1 killed, 8 injured in Assam explosions
The attacks come soon after a warning from the ULFA to migrant Hindi-speaking workers to quit the region.india Updated: Jan 21, 2007 22:02 IST
At least one person was killed and eight wounded in two separate explosions on Sunday in Assam, officials said.
A police spokesman said a powerful blast took place around 6.00 pm near a crowded vegetable market near Bahari village in Barpeta district, about 160 km from Assam's main city of Guwahati.
"A cobbler who was working near the market died on the spot, while five people were injured in the attack," police official A Ali said.
The condition of two of the injured was stated to be critical.
"The injured with multiple wounds were shifted to a hospital," the official said.
Earlier on Sunday, three people were injured in a blast that took place near the parking lot of the main railway station in New Bongaigaon, about 210 km west of Guwahati.
"The bomb was kept on a parked motorcycle," a police official said.
Sunday's attacks were the latest in a string of bombings in the state blamed on the outlawed United Liberation Front of Asom (ULFA), a rebel group fighting for an independent homeland.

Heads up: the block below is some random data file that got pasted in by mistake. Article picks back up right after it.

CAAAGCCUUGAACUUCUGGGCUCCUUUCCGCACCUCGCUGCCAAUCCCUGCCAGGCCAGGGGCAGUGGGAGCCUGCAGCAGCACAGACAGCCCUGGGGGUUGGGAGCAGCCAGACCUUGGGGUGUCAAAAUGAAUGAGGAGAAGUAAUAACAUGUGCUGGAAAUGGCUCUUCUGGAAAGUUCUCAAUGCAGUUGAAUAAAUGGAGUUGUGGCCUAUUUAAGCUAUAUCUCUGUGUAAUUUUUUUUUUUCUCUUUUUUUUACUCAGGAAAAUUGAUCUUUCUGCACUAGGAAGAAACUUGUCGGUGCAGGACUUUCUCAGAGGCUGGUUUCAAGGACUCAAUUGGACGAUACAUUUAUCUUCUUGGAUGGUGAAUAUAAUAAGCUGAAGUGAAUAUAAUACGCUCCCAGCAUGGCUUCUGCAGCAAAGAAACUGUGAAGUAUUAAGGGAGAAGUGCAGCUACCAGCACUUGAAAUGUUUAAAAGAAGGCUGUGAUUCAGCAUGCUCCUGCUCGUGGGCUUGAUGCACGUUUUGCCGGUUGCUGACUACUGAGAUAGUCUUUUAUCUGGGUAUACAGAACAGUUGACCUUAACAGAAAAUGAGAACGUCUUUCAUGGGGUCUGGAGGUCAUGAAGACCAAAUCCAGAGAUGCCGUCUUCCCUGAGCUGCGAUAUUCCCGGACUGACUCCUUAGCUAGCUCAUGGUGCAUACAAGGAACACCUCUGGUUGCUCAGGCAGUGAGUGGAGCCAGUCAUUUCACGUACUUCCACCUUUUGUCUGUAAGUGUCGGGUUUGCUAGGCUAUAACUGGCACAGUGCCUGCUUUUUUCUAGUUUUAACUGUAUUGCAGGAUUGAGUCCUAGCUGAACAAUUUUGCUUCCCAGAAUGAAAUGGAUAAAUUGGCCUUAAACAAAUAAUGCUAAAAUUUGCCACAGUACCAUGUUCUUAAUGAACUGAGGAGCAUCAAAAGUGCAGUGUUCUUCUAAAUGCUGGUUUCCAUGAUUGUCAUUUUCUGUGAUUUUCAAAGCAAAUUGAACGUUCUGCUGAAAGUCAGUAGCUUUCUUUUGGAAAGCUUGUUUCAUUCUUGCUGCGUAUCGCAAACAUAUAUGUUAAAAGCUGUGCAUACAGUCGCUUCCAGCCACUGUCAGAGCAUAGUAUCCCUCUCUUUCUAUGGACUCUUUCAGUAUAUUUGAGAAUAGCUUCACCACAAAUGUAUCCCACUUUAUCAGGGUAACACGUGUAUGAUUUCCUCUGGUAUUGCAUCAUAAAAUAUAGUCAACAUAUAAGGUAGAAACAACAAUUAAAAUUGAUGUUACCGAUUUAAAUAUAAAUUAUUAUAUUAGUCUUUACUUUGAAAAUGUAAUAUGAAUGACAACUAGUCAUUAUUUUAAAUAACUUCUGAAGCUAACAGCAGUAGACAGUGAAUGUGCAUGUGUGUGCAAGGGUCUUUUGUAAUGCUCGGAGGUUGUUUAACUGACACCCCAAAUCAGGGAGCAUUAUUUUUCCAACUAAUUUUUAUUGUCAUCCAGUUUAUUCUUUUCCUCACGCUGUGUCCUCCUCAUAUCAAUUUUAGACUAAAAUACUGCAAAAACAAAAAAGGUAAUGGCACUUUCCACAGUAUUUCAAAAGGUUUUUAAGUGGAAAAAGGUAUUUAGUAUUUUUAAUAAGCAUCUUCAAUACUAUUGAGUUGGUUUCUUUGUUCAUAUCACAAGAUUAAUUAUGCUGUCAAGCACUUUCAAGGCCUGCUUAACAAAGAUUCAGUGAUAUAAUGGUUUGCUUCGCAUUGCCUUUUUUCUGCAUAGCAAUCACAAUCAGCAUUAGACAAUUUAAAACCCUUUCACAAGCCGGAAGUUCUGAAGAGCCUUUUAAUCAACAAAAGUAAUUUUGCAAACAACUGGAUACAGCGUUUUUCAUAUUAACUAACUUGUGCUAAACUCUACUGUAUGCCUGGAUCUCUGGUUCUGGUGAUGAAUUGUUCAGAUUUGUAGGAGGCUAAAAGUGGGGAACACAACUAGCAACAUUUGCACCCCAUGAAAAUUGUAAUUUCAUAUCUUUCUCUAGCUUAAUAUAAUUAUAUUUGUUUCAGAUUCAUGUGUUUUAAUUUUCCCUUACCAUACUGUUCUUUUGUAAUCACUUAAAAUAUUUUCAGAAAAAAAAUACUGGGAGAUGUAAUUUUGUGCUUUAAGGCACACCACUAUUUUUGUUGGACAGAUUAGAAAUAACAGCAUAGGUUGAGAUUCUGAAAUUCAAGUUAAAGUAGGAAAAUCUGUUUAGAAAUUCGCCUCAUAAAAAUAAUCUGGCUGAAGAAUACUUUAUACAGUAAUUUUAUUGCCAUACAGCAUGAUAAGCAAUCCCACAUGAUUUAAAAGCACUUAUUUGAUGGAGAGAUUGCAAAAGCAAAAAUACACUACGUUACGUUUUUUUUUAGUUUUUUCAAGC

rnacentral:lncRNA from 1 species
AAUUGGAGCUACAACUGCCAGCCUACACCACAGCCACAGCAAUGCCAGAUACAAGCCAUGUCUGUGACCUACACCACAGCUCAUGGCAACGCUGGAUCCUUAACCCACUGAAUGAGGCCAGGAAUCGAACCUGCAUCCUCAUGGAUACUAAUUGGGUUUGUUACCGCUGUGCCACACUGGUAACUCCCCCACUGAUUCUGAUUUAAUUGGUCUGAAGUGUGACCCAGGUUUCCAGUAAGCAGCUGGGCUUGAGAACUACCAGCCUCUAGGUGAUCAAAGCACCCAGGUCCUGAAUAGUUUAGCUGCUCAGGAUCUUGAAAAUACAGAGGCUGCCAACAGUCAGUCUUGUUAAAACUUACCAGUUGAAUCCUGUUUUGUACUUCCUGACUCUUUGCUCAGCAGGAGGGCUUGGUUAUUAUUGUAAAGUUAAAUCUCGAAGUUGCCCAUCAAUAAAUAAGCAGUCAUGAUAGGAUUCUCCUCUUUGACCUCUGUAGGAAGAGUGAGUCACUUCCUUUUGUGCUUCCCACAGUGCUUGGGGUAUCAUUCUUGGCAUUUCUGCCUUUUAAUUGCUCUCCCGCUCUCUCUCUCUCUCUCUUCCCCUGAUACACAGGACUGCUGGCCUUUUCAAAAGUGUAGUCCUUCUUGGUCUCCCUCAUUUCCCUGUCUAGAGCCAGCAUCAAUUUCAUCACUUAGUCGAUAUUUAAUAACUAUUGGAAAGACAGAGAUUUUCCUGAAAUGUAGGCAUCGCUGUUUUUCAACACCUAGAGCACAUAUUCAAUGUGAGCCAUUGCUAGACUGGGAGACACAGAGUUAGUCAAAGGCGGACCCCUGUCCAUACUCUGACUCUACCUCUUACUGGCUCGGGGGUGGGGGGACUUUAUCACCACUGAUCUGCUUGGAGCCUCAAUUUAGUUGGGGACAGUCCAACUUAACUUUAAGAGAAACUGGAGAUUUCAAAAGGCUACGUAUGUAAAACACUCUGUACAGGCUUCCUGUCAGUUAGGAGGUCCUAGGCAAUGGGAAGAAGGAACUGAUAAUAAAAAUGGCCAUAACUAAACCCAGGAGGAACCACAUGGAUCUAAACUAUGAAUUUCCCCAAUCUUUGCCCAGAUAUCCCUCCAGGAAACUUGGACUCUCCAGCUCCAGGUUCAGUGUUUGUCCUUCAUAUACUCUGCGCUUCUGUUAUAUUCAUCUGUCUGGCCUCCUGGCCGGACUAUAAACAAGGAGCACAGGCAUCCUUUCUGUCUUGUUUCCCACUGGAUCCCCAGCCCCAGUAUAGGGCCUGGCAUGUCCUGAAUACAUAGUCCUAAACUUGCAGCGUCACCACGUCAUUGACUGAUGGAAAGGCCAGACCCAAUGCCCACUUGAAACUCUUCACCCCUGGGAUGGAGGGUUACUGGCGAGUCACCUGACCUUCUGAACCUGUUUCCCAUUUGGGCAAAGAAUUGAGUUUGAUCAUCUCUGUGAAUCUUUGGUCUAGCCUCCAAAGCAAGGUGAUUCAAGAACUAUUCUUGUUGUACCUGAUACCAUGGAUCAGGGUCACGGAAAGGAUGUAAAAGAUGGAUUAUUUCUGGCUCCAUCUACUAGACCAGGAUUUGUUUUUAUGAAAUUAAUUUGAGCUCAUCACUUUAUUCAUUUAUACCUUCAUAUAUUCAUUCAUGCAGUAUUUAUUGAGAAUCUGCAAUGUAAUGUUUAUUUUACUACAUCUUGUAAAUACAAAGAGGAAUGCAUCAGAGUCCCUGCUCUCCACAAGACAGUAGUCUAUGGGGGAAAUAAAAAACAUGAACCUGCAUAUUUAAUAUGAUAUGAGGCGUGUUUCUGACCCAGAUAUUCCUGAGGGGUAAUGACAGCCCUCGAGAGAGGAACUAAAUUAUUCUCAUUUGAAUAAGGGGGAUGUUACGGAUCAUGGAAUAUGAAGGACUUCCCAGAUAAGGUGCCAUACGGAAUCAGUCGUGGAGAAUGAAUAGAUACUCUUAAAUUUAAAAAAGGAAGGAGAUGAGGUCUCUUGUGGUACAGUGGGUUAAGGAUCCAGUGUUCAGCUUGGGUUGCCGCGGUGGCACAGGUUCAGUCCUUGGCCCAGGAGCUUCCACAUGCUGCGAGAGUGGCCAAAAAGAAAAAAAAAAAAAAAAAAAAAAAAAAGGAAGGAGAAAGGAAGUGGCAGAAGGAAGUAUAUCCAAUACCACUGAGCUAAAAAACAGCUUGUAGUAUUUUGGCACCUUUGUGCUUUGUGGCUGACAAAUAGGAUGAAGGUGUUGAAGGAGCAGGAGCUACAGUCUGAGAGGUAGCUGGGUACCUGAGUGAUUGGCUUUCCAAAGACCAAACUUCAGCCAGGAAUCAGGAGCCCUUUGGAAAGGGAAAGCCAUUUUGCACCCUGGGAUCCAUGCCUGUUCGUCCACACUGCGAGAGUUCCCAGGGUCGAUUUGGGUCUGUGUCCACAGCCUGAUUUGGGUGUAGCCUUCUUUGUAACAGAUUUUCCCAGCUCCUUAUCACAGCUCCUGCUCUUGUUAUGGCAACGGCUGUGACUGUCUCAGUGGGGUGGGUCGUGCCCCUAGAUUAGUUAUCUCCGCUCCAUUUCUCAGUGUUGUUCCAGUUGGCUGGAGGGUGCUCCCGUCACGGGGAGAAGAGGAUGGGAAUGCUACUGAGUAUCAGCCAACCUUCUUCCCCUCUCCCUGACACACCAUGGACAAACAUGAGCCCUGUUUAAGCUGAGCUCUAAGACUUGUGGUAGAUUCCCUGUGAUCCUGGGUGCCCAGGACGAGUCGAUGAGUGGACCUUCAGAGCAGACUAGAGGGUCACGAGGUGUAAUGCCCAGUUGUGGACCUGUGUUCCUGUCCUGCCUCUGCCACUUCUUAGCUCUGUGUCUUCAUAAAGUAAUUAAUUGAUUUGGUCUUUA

On Saturday, three people, including a government official, were killed and 15 injured in two explosions and a shootout in eastern Assam. Two explosions in Guwahati last week killed four people and wounded 30.
A man claiming to be an ULFA commander told local newspapers by telephone that the outfit would attack government officials if New Delhi did not stop a military crackdown against it that began on January 8.
The attacks came soon after a warning from the ULFA to migrant Hindi-speaking workers to quit the region. ULFA is one of several separatist rebel outfits operating in Assam where at least 20,000 people have died in insurgency-related violence since 1979.
It has been blamed for a wave of attacks in the oil and tea-rich state during January 5-8 killing 73 people - 61 of them Hindi-speaking migrant workers.
First Published: Jan 21, 2007 22:02 IST